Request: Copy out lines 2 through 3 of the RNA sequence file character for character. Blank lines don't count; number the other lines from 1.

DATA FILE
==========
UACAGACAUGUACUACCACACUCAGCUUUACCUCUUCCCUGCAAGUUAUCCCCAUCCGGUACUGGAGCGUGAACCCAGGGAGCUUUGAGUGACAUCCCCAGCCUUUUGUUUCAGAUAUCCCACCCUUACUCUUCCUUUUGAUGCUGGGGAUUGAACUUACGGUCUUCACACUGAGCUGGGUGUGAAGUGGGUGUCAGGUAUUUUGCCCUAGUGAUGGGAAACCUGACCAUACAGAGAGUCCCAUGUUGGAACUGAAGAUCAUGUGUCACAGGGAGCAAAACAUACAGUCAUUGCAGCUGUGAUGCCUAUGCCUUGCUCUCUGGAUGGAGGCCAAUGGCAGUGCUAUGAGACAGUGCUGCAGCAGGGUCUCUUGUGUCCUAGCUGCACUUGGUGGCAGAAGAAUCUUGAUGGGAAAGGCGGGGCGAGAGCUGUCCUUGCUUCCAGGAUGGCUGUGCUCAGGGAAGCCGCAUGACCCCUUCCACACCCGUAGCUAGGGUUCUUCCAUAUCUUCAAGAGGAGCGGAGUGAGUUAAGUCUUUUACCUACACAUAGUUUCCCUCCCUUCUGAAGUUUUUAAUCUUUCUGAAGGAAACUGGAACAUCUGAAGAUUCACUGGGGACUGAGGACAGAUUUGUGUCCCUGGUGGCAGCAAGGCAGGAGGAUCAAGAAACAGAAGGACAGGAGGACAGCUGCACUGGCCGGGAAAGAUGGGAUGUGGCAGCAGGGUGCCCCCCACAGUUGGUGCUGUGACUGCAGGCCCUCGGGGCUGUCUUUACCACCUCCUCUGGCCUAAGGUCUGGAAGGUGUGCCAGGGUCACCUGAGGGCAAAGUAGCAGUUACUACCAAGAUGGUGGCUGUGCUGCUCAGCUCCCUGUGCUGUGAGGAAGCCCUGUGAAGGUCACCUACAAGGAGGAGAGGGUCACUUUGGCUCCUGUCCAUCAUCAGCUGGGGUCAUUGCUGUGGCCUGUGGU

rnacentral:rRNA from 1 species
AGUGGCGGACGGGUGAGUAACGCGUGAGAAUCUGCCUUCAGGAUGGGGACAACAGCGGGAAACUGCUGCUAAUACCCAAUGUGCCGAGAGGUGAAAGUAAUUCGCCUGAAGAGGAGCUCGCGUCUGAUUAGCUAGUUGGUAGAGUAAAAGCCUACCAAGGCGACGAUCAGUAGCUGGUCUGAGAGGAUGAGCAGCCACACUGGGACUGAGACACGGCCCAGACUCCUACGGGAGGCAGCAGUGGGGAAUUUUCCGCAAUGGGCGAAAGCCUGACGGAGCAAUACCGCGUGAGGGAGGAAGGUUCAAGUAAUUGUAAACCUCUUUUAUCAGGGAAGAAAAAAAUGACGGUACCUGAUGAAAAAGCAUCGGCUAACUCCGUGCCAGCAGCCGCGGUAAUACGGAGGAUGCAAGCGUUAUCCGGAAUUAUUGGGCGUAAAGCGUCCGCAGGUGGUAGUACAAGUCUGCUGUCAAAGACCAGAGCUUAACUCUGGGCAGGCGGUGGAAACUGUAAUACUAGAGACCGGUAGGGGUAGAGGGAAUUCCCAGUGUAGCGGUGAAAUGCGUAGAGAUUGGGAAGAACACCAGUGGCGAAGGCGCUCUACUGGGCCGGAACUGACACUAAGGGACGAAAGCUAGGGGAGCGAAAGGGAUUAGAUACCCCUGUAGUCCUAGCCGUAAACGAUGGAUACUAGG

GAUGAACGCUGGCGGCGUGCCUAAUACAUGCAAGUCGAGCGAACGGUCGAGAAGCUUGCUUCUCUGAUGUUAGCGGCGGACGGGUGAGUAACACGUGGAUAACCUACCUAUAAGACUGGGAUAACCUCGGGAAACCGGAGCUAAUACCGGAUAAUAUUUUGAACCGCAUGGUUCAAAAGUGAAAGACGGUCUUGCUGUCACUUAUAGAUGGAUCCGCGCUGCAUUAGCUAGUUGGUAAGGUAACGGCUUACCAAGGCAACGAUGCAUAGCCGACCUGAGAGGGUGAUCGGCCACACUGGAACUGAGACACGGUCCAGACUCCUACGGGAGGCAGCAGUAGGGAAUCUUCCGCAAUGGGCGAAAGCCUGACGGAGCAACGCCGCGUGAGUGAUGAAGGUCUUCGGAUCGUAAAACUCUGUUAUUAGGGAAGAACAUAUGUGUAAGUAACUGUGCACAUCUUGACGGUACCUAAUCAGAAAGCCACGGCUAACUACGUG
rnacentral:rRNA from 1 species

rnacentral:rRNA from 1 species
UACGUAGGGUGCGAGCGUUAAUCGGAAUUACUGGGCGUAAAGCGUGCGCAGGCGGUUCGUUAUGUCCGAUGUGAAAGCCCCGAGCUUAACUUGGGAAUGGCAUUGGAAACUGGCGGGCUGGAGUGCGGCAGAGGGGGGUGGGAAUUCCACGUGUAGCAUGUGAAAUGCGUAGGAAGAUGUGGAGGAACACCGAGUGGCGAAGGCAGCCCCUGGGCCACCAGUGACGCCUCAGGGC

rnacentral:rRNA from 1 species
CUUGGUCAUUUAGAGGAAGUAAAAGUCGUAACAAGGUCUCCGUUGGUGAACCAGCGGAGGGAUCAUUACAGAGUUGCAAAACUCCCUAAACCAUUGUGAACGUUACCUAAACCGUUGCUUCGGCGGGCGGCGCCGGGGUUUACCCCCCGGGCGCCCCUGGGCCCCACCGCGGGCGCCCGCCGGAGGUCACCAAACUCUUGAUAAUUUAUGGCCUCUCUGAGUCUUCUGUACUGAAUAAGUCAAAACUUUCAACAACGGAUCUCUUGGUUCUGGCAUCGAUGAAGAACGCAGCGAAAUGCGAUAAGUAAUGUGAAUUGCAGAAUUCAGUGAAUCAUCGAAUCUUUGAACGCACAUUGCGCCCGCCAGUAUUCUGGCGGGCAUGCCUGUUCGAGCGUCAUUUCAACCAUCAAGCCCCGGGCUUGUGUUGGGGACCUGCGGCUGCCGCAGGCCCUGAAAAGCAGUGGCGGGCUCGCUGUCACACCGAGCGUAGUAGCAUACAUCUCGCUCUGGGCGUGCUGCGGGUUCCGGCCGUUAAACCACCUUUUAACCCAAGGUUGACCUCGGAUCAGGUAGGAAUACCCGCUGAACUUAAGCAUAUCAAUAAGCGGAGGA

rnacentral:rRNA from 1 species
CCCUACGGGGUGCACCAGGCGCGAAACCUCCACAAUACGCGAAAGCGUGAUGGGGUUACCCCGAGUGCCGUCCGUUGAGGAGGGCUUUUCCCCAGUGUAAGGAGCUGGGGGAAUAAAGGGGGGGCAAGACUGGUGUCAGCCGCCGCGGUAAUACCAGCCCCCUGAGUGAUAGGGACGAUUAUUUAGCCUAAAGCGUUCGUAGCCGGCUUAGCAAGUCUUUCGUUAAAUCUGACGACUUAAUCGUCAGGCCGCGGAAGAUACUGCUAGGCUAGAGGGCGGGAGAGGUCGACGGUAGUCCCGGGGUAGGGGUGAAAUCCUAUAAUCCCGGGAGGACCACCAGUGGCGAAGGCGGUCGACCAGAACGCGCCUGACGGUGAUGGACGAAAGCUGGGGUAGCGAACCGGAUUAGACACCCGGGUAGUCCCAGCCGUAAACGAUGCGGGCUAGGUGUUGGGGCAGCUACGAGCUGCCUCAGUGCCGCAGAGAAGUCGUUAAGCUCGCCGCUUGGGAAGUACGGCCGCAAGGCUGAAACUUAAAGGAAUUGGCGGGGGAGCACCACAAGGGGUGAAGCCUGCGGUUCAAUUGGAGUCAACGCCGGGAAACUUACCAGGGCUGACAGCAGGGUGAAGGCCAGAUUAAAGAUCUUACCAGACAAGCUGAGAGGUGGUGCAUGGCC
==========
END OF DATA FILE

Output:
rnacentral:rRNA from 1 species
AGUGGCGGACGGGUGAGUAACGCGUGAGAAUCUGCCUUCAGGAUGGGGACAACAGCGGGAAACUGCUGCUAAUACCCAAUGUGCCGAGAGGUGAAAGUAAUUCGCCUGAAGAGGAGCUCGCGUCUGAUUAGCUAGUUGGUAGAGUAAAAGCCUACCAAGGCGACGAUCAGUAGCUGGUCUGAGAGGAUGAGCAGCCACACUGGGACUGAGACACGGCCCAGACUCCUACGGGAGGCAGCAGUGGGGAAUUUUCCGCAAUGGGCGAAAGCCUGACGGAGCAAUACCGCGUGAGGGAGGAAGGUUCAAGUAAUUGUAAACCUCUUUUAUCAGGGAAGAAAAAAAUGACGGUACCUGAUGAAAAAGCAUCGGCUAACUCCGUGCCAGCAGCCGCGGUAAUACGGAGGAUGCAAGCGUUAUCCGGAAUUAUUGGGCGUAAAGCGUCCGCAGGUGGUAGUACAAGUCUGCUGUCAAAGACCAGAGCUUAACUCUGGGCAGGCGGUGGAAACUGUAAUACUAGAGACCGGUAGGGGUAGAGGGAAUUCCCAGUGUAGCGGUGAAAUGCGUAGAGAUUGGGAAGAACACCAGUGGCGAAGGCGCUCUACUGGGCCGGAACUGACACUAAGGGACGAAAGCUAGGGGAGCGAAAGGGAUUAGAUACCCCUGUAGUCCUAGCCGUAAACGAUGGAUACUAGG